The final section of the Lee Navigation is just over three miles long. The course of the River Lea has been utilised since the weir below Ware bridge. The approach to Ware lock is actually a man made channel built to avoid the local mill. The navigation uses the River Lea for a further stretch after Ware lock before making off a final section of canal that takes one through Hertford lock. From here to the visitor moorings the navigation is very narrow and also shallow. Beyond here one can cruise past the attractive houses along the waterway and under Folly bridge where there’s an opportunity to wind the boat. The final few yards between Folly bridge and Hertford Town Bridge is the only original stretch of River Lea remaining in Hertford. There have been proposals to extend the navigation the quite short distance to the weir just below Hertford Castle.
Ever wanted to cruise an Environmental Agency waterway without paying for a licence? Well the stretch of waterway around Ware lock, including the lock itself, is controlled by the Environment Agency, not British Waterways and certainly not Canal & River Trust! The lock has EA notices and the different types of paddle and construction are immediately apparent, as is the extra care that is tended on the lock structure. The EA controls the section because of the need to regulate the water abstraction that is neccessary to feed the nearby New River. Its so short a length that a licence would be ridicolous anyway!
The approach to Ware Lock from the Hertford direction. The River Lea goes to the left over the weirs. The river itslef however used to be situated on the south side of the valley through Ware, its original course now nothing more than a muddy ditch that used to serve as an overflow from the nearby New River. The Lee Navigation once again uses an artificial cut from here through the lock as far as the Ware Priory car park visitor moorings, as well as having moved the course of the river for a considerable distance above Ware lock to the north side of the valley
The New River intake above Ware. Water is taken to supply the New River which provides a substantial part of London’s water supply. Next time you drink your water it probably came from the River Lea!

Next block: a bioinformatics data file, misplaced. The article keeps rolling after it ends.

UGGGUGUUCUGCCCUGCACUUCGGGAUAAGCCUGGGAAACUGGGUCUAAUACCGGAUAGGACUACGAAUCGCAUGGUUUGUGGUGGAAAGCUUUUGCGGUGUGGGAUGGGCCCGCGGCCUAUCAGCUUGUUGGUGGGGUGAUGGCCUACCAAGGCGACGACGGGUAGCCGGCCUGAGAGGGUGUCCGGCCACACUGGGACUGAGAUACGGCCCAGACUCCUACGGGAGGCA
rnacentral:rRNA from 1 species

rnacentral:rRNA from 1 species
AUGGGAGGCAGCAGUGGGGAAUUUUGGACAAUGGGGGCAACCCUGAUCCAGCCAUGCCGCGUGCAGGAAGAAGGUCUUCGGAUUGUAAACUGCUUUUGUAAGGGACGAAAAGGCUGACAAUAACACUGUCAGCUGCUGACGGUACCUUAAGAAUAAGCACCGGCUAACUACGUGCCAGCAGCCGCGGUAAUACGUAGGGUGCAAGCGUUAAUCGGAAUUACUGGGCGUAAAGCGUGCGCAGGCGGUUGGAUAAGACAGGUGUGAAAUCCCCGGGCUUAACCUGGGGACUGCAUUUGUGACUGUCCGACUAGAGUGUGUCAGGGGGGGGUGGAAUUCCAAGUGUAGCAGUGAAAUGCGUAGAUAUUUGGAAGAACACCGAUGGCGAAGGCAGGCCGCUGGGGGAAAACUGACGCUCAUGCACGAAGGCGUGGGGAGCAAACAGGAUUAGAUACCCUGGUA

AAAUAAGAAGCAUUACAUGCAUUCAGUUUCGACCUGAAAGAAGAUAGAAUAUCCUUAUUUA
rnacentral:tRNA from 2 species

A lone canoeist and a swan on the River Lea at Ware Park, just below Hertford. The scenery on the final stretch is quite nice
The River Lea sadly departs once again across fields (above picture) as the Lee Navigation takes off on its own, heading in a dead straight line for the final lock at Hertford using the alignment of the old tailrace from Dickers Mill (top)
Hertford Lock. Its quite a deep one
Hertford Weir. The River Lea uses the channel which was built by, and is used by the Lee Navigation and which the boat is crusing on – left picture. spills over the weir into the original course of the River Lea. This is now exclusively the minor relief channel’s since the Lea was diverted from its original barge river alignment
Beyond the weir is the visitor moorings at Hertford on the diverted alignment of the River Lea. The topmost of the old River Lea’s (aka the Barge River) locks was just a short distance to the right of the new alignment
Past the visitor moorings are these attractive ‘riverside’ houses. They’re not really on a riverside though. The River Lea’s original course around the other side of Folly Island was at a lower level, it was blocked off and forced down the Lee Navigation’s newly constructed cut. This is a rare example of a river being forced along a canal navigation (as opposed to sharing part of a river’s channel, such as those found on the Grand Union and Oxford canals) and as a consequence the lie of the land to the north is below the level of the River Lea
A butty type boat outside the Old Barge Inn
Summertime at the Old Barge Inn, Folly Bridge Hertford
The River Lea beyond Folly Bridge. This the turning point for boats. This is the point where the original River Lea and the diversion built by the Lee Navigation diverges. The original River Lea went the other way (off the picture to the right) where it then began its descent through the first of the old Barge River locks. Its difficult to believe, but boats actually used to enter Hertford from the opposite direction to now, and what is now the Lee Navigation Channel was originally part of a small stream which served a mill. There isnt anything to see of this alignment or of the old Barge River and its locks. A minor relief channel replaced the original river.
On the section of the original River Lea in Hertford. Its quite a short run to the final end of the navigation at Hertford Town bridge (seen in the distance) but boats must reverse as its not wide enough to turn along here
The very final navigable bit of the River Lea and the very end of the Lee Navigation as viewed from Hertford Town bridge. Not many people know but it is possible to moor up at the pub right by the bridge on the north side of the channel (extreme left of picture)
Left – Hertford Town bridge – The River Lea comes through both bridgeholes. Right – The larger of the two bridgeholes can take a boat, but beyond its very shallow and on our attempt we didnt get any more than three quarters of a boat through (right picture) Its just a few metres to the weirs at Hertford Castle that see the clear waters of the River Lea tumbling its way down from Luton and Welwyn Garden City. There has been talk of providing a basin at the foot of Hertford Castle for visiting boats